This is a very difficult question to answer! The “best time” to see cetaceans in the Estuary and Gulf of St. Lawrence can vary greatly from one year to another. You never know what you’ll see when on board a cruise or when scanning from shore; the St. Lawrence is a changing environment, and it is difficult to predict which species will be encountered when one sets out for an adventure on its waters. We are at the mercy of nature and the comings and goings of these unpredictable animals. This is what differentiates an encounter in a natural environment from a visit to the zoo!

First, it is important to understand that the overwhelming majority of whale species that patronize the St. Lawrence are migratory, which means that they can be observed in our waters roughly from May to November. Generally speaking, cruises begin in late May and usually end in late October or early November at the latest. Therefore, opportunities for observing marine mammals in the region in winter are rather limited.

Generally, the diversity of whale species that can be observed increases as we get into June and July. You’ll probably have the chance to see the minke whale, the fin whale and the humpback. Will you encounter belugas? Harbour porpoises? The mighty blue whale? Will you be there when a sperm whale or a group of white-sided dolphins appears out of nowhere? Perhaps you will spot a few seals or seabirds. An excursion on the St. Lawrence is always unique and full of surprises! The months of August, September and October are generally good months. The strong autumn winds have not yet begun and fog is rare in summer.

© GREMM
Fin whale surface feeding © GREMM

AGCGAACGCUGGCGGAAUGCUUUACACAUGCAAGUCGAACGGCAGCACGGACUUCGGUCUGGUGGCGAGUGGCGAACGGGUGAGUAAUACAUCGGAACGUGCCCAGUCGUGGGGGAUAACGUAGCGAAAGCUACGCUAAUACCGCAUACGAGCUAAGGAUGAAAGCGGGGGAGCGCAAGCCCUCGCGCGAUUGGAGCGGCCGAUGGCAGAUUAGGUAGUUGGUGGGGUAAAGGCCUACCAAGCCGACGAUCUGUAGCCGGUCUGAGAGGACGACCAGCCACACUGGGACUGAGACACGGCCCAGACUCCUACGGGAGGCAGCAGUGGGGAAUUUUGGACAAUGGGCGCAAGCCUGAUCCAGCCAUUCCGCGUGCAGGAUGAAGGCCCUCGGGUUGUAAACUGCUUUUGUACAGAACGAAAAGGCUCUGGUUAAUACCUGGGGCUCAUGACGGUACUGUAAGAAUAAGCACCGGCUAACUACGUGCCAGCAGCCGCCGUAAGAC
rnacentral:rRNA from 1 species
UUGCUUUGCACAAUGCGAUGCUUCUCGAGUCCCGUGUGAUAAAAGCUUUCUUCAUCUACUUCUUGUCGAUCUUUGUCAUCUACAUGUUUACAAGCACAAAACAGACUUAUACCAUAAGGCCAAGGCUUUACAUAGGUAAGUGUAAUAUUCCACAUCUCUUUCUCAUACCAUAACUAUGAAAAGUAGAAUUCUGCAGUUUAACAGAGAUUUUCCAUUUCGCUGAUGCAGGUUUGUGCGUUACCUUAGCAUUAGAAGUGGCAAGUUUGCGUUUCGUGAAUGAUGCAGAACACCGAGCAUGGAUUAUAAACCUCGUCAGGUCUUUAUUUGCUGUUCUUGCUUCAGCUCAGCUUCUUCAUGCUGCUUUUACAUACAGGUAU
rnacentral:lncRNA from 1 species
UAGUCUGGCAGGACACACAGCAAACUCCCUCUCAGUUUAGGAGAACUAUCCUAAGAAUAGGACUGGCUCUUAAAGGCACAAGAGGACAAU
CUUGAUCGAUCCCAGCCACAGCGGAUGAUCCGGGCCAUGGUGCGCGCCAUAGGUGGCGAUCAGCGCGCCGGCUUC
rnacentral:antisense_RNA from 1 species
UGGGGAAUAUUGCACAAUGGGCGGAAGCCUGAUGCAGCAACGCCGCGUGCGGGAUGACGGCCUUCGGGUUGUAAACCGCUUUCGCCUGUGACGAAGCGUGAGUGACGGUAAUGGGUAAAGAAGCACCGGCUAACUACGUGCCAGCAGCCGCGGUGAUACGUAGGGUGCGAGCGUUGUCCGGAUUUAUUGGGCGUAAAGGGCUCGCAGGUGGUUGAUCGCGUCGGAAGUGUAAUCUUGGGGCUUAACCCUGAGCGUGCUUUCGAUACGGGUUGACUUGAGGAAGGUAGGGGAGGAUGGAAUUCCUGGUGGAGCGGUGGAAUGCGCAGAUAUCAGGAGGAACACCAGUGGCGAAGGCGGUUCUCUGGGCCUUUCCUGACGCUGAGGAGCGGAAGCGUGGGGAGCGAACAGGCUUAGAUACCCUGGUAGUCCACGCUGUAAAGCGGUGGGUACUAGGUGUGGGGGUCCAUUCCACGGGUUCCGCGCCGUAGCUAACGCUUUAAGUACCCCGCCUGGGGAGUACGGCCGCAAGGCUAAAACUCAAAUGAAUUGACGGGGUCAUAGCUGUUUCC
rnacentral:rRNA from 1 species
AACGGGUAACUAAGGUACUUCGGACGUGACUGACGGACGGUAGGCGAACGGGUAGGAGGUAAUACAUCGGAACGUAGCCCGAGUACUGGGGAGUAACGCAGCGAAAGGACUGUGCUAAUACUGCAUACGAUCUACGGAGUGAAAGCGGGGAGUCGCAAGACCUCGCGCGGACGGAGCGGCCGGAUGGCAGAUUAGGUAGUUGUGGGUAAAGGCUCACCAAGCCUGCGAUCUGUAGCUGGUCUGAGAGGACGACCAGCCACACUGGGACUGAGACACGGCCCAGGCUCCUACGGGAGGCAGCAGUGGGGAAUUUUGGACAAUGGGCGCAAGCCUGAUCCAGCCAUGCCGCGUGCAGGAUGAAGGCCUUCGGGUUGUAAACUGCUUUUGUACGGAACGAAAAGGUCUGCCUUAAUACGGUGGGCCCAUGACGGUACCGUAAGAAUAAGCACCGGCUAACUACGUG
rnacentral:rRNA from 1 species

Some people wonder whether temperature, wind and sun conditions have an influence on whale behaviour; the answer is no, since they must surface to breathe regardless of the conditions. However, these same conditions can have a great influence on our ability to spot them! Keep a sharp ear out during foggy weather, as sound is amplified; in fact, these mastodons can often be sighted this way thanks to their powerful spouts. It is raining? Bundle up and stay positive: during gloomy weather, it is often possible to observe surface feeding, which is always exciting. Certain conditions such as the tide, the arrival of a large school of prey or other factors might also influence whale behaviour.

To stay in the loop of what’s happening in the world of St. Lawrence whales, check out the Observations of the Week, and, to ensure you’ll be fully prepared for your next outing, read our Whale-Watching Tips.

Whale Q&A - 19/4/2016

Josiane Cabana

Josiane Cabana served as Director for the Quebec Marine Mammal Emergency Response Network call centre from 2011 to 2018. When she’s not responding to cases of dead or vulnerable marine mammals, she likes to take the time to educate local residents on the threats faced by these animals. Biologist by training, she has been involved with the GREMM for more than 15 years, and always with the same undying passion!

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